IW: The questioning of Dr. King by the corporate press is reminiscent of the same questions that they ask the Occupy movement today.
On March 28, 1965, Martin Luther King, Jr. appeared on NBC’s Meet The Press.
One week after leading his historic five-day march from Selma to Montgomery, Alabama, King said that the demonstration was necessary not just to help push the Voting Rights Bill through, but to draw attention to the humiliating conditions in Alabama such as police brutality and racially-motivated murder.
The fourth chapter of The Power of Nonviolence: Writings by Advocates of Peace brings us to Henry David Thoreau‘s seminal 1849 essay on Civil Disobedience. This is the essay that turned words into action. It turned the future into right now. This essay educated two of the most powerful leaders of the 20th century, Gandhi and King. It provided the foundations for their nonviolent movements.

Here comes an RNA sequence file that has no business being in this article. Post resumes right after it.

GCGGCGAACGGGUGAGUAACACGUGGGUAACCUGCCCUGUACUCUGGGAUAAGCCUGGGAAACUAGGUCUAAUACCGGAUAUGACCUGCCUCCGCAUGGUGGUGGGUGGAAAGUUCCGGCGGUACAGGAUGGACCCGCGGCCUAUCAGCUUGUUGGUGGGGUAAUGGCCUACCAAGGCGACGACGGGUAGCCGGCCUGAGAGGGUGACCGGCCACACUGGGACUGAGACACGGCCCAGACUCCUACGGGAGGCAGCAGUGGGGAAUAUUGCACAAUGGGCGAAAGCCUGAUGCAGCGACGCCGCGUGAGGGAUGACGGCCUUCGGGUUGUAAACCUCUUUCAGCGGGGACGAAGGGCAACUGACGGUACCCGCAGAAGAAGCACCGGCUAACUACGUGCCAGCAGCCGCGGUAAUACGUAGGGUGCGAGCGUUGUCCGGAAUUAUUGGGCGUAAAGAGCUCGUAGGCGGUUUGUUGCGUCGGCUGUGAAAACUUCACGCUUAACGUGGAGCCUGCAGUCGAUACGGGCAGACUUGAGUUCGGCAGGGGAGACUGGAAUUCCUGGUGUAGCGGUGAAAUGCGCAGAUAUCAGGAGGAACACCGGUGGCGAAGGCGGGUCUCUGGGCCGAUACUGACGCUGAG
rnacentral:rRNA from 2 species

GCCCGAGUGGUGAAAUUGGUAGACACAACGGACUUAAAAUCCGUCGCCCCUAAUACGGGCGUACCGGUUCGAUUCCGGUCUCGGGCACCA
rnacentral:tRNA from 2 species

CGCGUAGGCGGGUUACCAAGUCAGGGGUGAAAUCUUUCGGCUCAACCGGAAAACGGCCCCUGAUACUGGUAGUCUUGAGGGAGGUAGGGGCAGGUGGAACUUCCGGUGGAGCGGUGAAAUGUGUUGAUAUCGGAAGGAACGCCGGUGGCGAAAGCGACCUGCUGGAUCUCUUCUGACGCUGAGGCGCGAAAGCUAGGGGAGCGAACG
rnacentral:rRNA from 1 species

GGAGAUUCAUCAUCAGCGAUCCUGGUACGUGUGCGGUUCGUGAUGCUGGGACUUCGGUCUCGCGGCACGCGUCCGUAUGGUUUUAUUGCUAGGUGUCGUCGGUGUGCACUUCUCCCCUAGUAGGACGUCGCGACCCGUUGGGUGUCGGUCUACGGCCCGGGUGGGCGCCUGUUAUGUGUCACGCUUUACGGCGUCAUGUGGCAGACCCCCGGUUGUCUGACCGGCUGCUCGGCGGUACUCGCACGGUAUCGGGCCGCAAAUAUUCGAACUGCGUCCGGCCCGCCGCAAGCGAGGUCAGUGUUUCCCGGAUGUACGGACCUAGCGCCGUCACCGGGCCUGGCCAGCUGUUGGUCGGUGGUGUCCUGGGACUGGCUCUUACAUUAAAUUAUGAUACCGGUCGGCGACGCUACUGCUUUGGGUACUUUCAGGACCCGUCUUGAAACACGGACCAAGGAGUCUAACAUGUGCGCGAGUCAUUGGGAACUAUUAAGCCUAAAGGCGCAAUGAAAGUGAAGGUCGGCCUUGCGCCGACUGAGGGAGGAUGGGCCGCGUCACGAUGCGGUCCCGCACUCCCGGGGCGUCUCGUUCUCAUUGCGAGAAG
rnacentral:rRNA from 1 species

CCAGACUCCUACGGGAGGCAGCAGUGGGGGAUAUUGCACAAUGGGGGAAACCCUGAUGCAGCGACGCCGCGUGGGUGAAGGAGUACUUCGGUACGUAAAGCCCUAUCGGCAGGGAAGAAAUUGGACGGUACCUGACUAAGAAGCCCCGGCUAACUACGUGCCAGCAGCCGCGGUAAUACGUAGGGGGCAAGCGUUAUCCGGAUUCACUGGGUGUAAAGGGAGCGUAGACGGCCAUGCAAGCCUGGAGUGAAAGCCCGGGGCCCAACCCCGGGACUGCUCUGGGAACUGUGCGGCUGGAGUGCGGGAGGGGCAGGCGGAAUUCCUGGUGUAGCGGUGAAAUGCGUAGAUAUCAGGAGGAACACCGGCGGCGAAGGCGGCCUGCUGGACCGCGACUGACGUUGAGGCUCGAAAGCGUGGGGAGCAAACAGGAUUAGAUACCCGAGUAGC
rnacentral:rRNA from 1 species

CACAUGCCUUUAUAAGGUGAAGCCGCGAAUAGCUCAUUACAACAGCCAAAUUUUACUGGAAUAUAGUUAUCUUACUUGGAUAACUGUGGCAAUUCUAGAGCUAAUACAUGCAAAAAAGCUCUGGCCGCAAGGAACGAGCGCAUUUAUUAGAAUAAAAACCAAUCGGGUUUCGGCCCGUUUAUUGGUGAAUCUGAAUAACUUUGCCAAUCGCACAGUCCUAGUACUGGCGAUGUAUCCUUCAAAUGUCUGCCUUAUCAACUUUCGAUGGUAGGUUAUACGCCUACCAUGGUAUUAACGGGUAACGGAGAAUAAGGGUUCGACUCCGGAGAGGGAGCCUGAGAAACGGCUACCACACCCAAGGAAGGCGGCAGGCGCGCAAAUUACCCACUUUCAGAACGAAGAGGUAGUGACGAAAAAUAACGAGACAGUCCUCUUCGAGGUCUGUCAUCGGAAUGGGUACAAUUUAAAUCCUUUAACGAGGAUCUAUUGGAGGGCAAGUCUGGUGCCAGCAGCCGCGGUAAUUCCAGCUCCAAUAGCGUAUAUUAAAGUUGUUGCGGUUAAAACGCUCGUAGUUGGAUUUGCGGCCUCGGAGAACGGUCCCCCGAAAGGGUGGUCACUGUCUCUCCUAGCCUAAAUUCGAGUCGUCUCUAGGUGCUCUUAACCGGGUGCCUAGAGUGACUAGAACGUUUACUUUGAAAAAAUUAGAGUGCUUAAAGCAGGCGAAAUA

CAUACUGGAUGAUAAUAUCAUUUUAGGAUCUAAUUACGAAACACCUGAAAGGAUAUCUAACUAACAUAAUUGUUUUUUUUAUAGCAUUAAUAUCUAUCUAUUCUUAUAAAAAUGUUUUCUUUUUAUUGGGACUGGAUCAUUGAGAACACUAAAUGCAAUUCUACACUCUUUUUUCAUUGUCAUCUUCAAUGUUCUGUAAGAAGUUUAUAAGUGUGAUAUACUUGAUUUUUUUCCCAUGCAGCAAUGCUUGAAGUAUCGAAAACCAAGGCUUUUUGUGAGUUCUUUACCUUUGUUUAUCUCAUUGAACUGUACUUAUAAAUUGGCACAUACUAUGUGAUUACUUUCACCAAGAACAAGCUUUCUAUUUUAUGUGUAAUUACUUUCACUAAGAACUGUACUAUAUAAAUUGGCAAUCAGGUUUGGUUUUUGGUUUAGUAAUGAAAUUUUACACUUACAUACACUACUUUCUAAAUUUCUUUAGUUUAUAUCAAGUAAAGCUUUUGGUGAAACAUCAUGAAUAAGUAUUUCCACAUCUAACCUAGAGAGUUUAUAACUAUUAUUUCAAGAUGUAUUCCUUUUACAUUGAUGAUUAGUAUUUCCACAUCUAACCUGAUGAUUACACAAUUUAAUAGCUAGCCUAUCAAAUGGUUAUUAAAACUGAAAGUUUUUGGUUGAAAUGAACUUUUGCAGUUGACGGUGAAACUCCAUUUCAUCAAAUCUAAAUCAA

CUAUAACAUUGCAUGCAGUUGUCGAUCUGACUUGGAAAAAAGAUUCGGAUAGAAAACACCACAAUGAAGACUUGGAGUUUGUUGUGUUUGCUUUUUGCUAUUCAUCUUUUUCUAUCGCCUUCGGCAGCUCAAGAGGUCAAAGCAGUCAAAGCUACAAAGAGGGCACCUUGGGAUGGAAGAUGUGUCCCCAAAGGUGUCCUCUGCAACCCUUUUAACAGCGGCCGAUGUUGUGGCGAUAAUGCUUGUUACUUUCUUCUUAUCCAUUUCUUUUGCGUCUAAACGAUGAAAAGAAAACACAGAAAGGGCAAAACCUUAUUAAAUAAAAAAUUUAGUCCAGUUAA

Like many of his fellow transcendentalists, Thoreau was an abolitionist. He reacted strongly to President Polk’s incitement of the Mexican War in 1846. The war was intended to annex territory for slavery. Congressman Abraham Lincoln’s outspoken opposition to the war essentially ended his political career for 8 years.
Thoreau took it a step further. He saw that living in a the the free state of Massachusetts and speaking out against slavery did not absolve him of involvement in the war, and in furthering slavery. Thoreau saw that his support of the government — his payment of taxes — made him complicit. Despite having coined the phrase in the beginning of this essay that teeters between libertarian and anarchist: Continue reading Power of Nonviolence Thoreau CD: Peace Book Chapter 4 10/10/11→